St Lukes to close in September

Both our local papers report the closure of St Lukes medical centre at the end of next month due to “lack of staff”, with the Stroud News reporting the shortage of GPs nationally as the reason. The story is the front page headline, but the fact that the surgery is anthroposophical is not mentioned until page 8, where also at last Rudolf Steiner himself gets a mention.

Stroud life is more specific about the problems at St Lukes;

A number of factors have led to the decision including the relatively small number of patients, the finances of the practice and difficulty recruiting GPs, including those with anthroposophic expertise or interest.

The failure to recruit  doctors willing to participate in anthroposophic medicine is the reason, and we can only assume that the postgraduate training course run by Dr Evans in Stroud has either been poorly attended, or has failed to inspire GPs to work at St Lukes.

There are 4,000 patients registered at the medical centre, and according to the patient survey 80% of those who responded consider anthroposophy important;

Importance of anthroposophic medicine:

                              Responses 2013            Responses 2014

Not at all                                5 (3%)                             5 (4%)

Don’t mind                           16 (10%)                          14 (10%)

Fairly important                   18 (12%)                          7 (5%)

Important                              23 (15%)                         37 (27%)

Very important                      92 (60%)                        73 (53%)

I know for a fact that some of the patients have never heard the word anthroposophy and have no idea they have been part of a spiritual development project by a religious cult. They are attracted by the idea of “holistic” medicine.

Anyway this is a positive news story for Stroud. As my GP pointed out, the patients will be added to the lists in other local practices, assuming they can bring themselves to use mainstream medicine, but Gloucestershire NHS will no longer be funding what can only be described as quackery, and that is a good thing.





  1. Jim

    I like the link to the post grad training courses. There’s a summer intensive course for “conventional and complimentary practitioners”. Complimentary certainly doesn’t describe my doctor – if ever I complain of anything all I get is “well, what do you expect at your age”.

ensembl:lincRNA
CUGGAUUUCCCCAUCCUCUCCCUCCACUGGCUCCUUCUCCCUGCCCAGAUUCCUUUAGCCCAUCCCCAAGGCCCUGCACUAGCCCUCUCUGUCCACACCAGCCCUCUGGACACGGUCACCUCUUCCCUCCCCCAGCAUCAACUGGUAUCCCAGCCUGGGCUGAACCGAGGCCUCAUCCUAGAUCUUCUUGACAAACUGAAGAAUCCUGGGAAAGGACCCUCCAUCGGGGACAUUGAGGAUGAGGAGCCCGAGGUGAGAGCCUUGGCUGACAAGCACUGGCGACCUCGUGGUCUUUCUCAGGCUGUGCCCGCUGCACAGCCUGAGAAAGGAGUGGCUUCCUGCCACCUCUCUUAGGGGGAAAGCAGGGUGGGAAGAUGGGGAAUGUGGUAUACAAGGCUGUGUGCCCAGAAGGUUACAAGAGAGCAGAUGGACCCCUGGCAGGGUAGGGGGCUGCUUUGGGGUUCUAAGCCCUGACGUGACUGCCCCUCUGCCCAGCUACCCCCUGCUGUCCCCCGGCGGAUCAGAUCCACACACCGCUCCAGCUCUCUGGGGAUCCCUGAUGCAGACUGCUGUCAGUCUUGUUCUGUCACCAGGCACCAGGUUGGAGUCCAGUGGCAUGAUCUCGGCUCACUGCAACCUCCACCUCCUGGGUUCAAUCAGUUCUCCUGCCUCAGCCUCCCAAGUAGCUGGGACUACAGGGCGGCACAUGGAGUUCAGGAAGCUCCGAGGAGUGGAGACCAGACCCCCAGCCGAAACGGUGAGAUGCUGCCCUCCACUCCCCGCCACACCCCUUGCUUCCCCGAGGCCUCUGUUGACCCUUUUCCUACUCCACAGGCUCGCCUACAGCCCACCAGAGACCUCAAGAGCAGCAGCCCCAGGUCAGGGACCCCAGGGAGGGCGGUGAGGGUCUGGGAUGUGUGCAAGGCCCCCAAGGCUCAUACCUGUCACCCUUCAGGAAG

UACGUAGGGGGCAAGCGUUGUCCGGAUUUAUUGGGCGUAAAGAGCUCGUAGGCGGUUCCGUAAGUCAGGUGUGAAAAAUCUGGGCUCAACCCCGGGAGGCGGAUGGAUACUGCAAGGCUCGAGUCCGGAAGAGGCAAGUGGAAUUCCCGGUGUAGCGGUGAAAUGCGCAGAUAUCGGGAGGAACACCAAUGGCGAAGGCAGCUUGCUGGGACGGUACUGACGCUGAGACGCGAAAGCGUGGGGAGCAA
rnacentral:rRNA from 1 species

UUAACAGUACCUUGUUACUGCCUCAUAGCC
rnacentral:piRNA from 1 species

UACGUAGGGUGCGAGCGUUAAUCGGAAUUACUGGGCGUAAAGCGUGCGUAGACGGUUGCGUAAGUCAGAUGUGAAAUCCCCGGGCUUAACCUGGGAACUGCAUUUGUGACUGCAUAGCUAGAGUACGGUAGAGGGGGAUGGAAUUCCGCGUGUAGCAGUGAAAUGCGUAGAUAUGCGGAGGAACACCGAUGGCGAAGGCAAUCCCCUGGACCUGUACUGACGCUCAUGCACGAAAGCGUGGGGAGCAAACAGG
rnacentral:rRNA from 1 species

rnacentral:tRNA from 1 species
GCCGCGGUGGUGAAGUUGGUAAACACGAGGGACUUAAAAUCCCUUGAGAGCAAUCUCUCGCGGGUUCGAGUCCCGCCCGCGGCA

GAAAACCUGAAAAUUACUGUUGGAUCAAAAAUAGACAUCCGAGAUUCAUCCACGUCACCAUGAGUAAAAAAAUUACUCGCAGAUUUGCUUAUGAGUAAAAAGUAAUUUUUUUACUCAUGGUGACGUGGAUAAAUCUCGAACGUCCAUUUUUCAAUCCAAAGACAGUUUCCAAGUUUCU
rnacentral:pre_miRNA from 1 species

Maybe all the local anthros will move to somewhere with an anthro GP?

  2. Helen

    I think the nearest you get to a compliment is when you have a particularly interesting condition and then they can really get to work. From what I have heard about St Luke’s GPs, the compliments dry up if you express doubt about their treatments.

    As I see it, the patients’ desire for anthroposophic medicine is akin to patients at my practise saying they want free tea and cakes and a dance troupe in the waiting room. If they want stuff like that they can pay for it themselves.

  3. Jim

    Today’s SNJ reports on efforts by patients and staff to keep St Luke’s afloat. They say the practice had not received as much cash as others because few of their patients have the “chronic diseases” linked to payments.

    Or to put it another way, sick people avoid St Luke’s.

  4. LAR

    As an ex Ruskin student if I was ill they (Ruskin mill) would phone up make an appointment for me, then I would phone up and cancel it and go and see a REAL G.P I never trusted anyone at St. lukes thank god I knew someone who did care for me and registed me with a proper practice

    • Jim

      The thing I find odd is that the anthro doctors are also “real GPs”, in the sense that they have proper medical qualifications. How they can undertake all the study that entails and still believe the anthro nonsense is quite beyond me.

      I would be interested to hear whether, and for what conditions, anthro doctors prescribe conventional medicine. Is homeopathy and eurythmy always the first choice?

  5. Richard Vick

    I have been a patient at St Lukes for many years. I am not an anthroposophist but I have welcomed the offer of alternative treatment before being handed a prescription for antibiotics or other chemical formulations. All the doctors are part of the NHS and will, in my experience, administer the appropriate mainstream medicine when and if required.

    • Helen

      Hi Richard, thanks for commenting.
      St Luke’s has been funded by the NHS because the doctors are qualified GPs, and they must supply mainstream medicine or the “chemical formulations” you mention in order to qualify for this funding.
      You say you are not an anthroposophist, and I am sure the majority of patients at St Luke’s are not (it is difficult to define what is an anthroposophist anyway, and even harder to find anyone who will admit to it!)
      Nevertheless you and all the other 4,000 have put your health in the hands of doctors who sincerely believe that karma is an important factor of physical and mental health. I can’t help thinking this is unwise, especially if you don’t understand anthroposophy yourself. The two families I know personally who have used this practise have not had good experiences.
      The fact that we have been paying these doctors to offer all kinds of non-proven and possibly dangerous treatments before mainstream medicine is scandalous in my opinion.

      • Jim

        I suppose it is possible these doctors have been undermining the system from within by citing their anthro credentials to gain the patient’s confidence but then prescribing them real medicine……..

        But seriously Richard, when would you consider ‘alternative’ treatment more appropriate? Obviously my answer would have to be “when I’m not ill” but I’d be interested in your thoughts.

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